Much of that changed shortly after she started college. She met another very talented young artist with almost the opposite perspective. While there were still schedules, projects and techniques to learn, the other young women saw them as opportunities to express herself… to inject her personal touch into the sometimes rigid structures of learning. Her personal expectation was to assert her statement as an artist into each demand or assignment. Together they seized opportunities to be spontaneous, painting murals for community renewal projects and creating posters and props for a local theater group. The joy of the very expressive work balanced the demands of school.
Both have graduated college now and our daughter is an Artistic Developer for a Broadway theater company. Her schooling and her experience with the more spontaneously expressive work helped her develop both a formal and uniquely individual professional talent. It’s about finding balance.
Wow I am feeling all the love and good advice here.
I like the idea of goals and not expectation.
I love the idea of getting a walk or some physical exertion.
All the ideas and support are so genuine and wonderful...
Be kind to yourself, accept all of yourself...you are not a bad violinist. Each day you play no matter how great or little, you become better.
Some people add some natural oils and or meditaion music to their regime, such as lavender and Reiki healing music, or other types of rain, ocean or nature sounds.
Cheers and peace.
Vibrato Desperato.... Desperately seeking vibrato
You're building something really important - it's really hard and the distress you feel comes out into the page. You're under perhaps the worst stress of your life - wow, it's impressive that you are able to keep up, even if you don't really like keeping up and barely think you can. Times like these, there are little things that might help a little, but doing a lot of little things all together can really add up to be an immovable forcefield between you and the stress coming at you. #1. The fuel type that you need for your body and mind is very different than the typical American meal plan. If you don't take a multivitamin, that can help as one of those little things. If you don't eat red meat a lot (or seafood) then taking an extra Vitamin B 12 vitamin will also help a little. Then there's vitamin D. In my part of the world, it's been cloudy and cold for months. We all have to take a vitamin D on top of the others but if you're in a sunny location - awesome! #2: Sleep! If you don't have great sleep habits and are sleeping too little, or sleeping too much, that's a known way to wear your mind and body down. In order for your RNA to replicate, you have to be in stage 4 sleep for a good part of the sleep cycle. #3: usually getting between 3-5 hours a week of vigorous exercise is known to stimulate brain activity...almost like someone turned on the lights and you can see everything more clearly. #4: PLAY THE VIOLIN! It too, stimulates energy centers in the brain. Don't forget, Summer 2017 is coming - if you practice just a little, by the time summer rolls around you'll be that much closer to having an even more violin-centered summer!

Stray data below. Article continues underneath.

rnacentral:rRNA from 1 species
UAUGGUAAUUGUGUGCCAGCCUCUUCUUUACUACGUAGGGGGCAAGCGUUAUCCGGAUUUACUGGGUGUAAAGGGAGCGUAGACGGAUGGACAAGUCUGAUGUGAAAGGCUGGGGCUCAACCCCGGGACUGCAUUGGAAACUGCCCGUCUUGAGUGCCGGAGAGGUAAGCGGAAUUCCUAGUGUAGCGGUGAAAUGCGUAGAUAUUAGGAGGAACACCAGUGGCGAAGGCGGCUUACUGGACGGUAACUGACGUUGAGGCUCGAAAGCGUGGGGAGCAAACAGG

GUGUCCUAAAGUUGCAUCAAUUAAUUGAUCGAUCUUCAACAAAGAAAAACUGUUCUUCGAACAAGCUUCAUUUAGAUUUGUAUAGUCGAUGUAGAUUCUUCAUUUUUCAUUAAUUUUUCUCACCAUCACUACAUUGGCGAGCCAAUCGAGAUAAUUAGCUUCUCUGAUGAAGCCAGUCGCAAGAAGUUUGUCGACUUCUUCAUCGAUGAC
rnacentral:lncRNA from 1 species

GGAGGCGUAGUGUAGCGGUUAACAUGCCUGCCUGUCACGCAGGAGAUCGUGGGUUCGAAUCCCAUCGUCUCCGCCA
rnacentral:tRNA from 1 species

Good luck to you... write back if you have any questions...
I echo what everyone else has said, but have you asked yourself why you need to play in so many ensembles? Playing may seem like a massive part in your life right now but you're still a teenager and don't need to push yourself this hard that young.
Maybe choose two you really enjoy to focus on and more importantly balance with your other studies. Playing well takes a lifetime to achieve so don't burn yourself out too soon. You may also find that life doesn't work in a straight line and can take you to completely unexpected places that may put music to one side for a bit.